Rux: “I really wanted to get to, like, 40 or 50 bands.”

It’s been two years since Dreamy Life Records and Music – the twinkling gem embedded in the center of Cowtown’s underground crown – released its last Group Therapy compilation. Since its inception six years ago, the weighty collection has consistently provided an impressive avian view of just how densely populated our burg is with boast-worthy musos of all stripes, especially those of the garage-y, pop-edged punk-rock flavor.

Many of the usual suspects – beloved artists on the label’s roster like Pearl Earl, Loafers, and War Party – are offering new material alongside a spattering of anticipated first-time appearances from the likes of Steve Gnash, Trauma Ray, and All Clean. As has been the trend over each of the past four installments, with Group Therapy, Vol. 5, label-runners Robby Rux and Jennifer Rux, Britt Robisheaux, Cameron Smith, and Jim Vallee have stretched their ambitions to the point of snapping, packing 25 tracks onto the tiny spools of magnetic tape.

“It just keeps growing,” Robby said. “But at some point, you’ve got to cut if off. There’s only so many bands you fit on the darn thing in the first place. I really wanted to get to, like, 40 or 50 bands, but you can’t really go much past 25, or it’s not going to fit on a cassette.”

Scarborough 300x250 2024

The Group Therapy series began as a collaboration between two separate labels, The Ruxes’ shoegaze/psych-centric Dreamy Soundz and Smith’s slack-rock outlet, Lo-Life Records. On the first iteration of the album, each label chose half the artists from their own rosters, which were then brought together for a marathon recording session held at the now-departed Where House. That successful first experience ultimately led to the merger of the two labels.

“The whole Group Therapy thing is really what created us,” Robby said. “After the first one, [Dreamy Soundz] started doing a lot of work with Lo-Life. Then a couple years later, we decided to do the record store,” a small record-and-tape shop that shares the label’s name and is now in its third location, inside MASS. “We eventually decided to just merge and form Dreamy Life.”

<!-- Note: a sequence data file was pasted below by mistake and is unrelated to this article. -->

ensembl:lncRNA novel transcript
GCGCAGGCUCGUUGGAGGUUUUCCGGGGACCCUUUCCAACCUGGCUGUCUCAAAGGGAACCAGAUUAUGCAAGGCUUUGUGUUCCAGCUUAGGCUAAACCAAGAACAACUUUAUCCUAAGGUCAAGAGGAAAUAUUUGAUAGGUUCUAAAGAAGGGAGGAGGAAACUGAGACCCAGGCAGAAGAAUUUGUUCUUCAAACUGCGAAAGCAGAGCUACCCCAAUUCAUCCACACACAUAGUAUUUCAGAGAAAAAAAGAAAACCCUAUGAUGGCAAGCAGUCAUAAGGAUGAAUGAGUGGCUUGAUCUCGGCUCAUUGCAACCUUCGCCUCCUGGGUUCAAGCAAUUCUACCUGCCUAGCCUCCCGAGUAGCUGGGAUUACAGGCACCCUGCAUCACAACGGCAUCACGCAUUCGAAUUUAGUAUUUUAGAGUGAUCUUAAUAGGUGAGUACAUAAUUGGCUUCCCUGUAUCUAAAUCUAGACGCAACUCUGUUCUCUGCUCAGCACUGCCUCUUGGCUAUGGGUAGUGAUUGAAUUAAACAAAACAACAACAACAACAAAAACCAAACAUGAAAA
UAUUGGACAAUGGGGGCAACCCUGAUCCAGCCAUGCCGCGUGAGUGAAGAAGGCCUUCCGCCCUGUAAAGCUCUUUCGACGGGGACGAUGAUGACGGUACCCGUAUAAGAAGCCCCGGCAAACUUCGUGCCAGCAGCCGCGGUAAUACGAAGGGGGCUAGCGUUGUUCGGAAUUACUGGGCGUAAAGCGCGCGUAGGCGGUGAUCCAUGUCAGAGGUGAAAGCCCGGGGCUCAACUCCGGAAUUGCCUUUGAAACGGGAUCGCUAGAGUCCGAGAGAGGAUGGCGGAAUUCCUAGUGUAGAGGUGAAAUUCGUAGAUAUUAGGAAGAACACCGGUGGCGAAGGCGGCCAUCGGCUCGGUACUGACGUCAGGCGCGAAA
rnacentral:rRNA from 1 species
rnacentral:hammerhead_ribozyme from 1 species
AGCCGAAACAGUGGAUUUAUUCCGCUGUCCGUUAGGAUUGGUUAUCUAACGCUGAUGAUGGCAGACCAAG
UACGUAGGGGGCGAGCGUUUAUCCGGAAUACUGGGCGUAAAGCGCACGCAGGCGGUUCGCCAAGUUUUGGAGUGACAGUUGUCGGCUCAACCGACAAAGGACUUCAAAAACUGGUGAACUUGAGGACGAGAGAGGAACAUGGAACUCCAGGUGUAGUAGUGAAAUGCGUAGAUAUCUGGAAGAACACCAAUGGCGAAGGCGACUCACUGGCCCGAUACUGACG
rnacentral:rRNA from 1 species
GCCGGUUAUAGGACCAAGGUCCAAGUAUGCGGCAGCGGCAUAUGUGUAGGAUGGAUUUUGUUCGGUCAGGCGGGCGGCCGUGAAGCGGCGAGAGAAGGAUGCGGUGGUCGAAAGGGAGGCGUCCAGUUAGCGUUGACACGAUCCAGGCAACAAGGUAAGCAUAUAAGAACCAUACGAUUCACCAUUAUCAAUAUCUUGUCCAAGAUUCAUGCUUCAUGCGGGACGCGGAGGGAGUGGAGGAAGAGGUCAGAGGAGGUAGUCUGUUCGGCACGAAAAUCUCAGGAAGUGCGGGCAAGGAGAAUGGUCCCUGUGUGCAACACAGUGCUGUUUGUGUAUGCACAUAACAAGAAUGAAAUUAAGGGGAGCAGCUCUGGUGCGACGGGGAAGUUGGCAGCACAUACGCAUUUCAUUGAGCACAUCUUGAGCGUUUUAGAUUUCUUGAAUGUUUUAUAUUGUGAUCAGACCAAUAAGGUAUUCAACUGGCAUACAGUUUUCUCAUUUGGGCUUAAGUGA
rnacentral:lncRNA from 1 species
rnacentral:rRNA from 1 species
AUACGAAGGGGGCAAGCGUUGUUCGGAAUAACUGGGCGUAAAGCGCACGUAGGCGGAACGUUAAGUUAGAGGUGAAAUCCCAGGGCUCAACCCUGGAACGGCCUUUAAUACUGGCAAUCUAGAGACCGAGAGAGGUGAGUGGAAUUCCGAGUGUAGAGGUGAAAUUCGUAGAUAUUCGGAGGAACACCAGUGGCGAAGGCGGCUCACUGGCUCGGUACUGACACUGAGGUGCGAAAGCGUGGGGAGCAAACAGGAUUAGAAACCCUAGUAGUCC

The second year, the label bosses moved the sessions into their own Cloudland Recording Studios, where it’s stayed since, with the basic premise remaining: Each band is given one hour to track a previously unreleased song, mostly live. Then Cloudland’s in-house engineers – the Ruxes, Robisheaux, Rubio Narcótico, and Joe Tacke – split up the songs for mixing. With more than two dozen artists, it’s an enormous undertaking.

“It’s a lot, a lot of work,” Robby said. “The original sessions take 48 hours. Then if you add the evening sessions” – a few artists, like Steve Gnash, were booked outside of the original two-day marathon held last November – “that’s another 24 hours. Then mixing – not to mention all the work Cameron does beforehand lining up all the bands.”

All told, Rux estimates that close to 500 hours of work goes into the process from beginning to end.

As in the past, the work pays off. It’s another remarkable collection of a rich and diverse swathe of artists. The chimey pop of Ting Tang Tina’s “D-D7” and the rambunctious punkiness of War Party’s “Negative Consumer” – the last song that the now-defunct five-piece will likely release – snuggles comfily alongside Juma Spears’ sativa smooth “Glow” and Wrex’s blissfully lazy “Nothing Day.” The frenetic tension of BULLS’  “AA” and the industrial dirge of All Clean’s “Failing in Full” seem appropriate in the same space as the subtle dream-pop of Summer Job’s “Feel it Now” and the Air-esque electro-soul of Andy Pickett’s “Ghosts.” First-time contributions from the full-tilt ’60s psychedelic experience of Johndavid Bartlett & Acid Carousel coupled with the anguished R&B of A Michael E push the genre-abandoning ethos even further.

“We try to mix it up as much as possible every time,” Robby said of the varied musical styles present. “We’re also kind of trying to unite the scene. Like we always try to include two or three hip-hop artists, though we’re not really a hip-hop label. But we want to represent them because they mean so much to us and [to] the scene. We do it because we love the scene and we want to showcase it, especially to outside of the scene.”

Locals will get a chance to experience that showcase live on Saturday at the Group Therapy, Vol. 5 Release Fest at MASS. More than 15 artists will grace two stages for an all-day extravaganza. Performers include All Clean, Same Brain, Johndavid Bartlett & Acid Carousel, Trauma Ray, War Party, playing what will likely be their last show, and a dozen more. The parking lot will be fenced off to allow for a second stage as well as food trucks by Four Sisters – A Taste of Vietnam. There will be a skateboarding display by Magnolia Skate Shop and an art show as well. As if that’s not all, the $15 cover will earn the first 100 attendees a cassette copy of Group Therapy, Vol. 5. A portion of the proceeds will benefit RAICES, a non-profit that defends the rights of immigrants and refugees.

Group Therapy, Vol. 5 Release Fest

2pm Sat w/Sealion, War Party, The Fibs, Johndavid Bartlett & Acid Carousel, Ting Tang Tina, and many, many, more, at MASS,

1002 S Main St, FW. $15.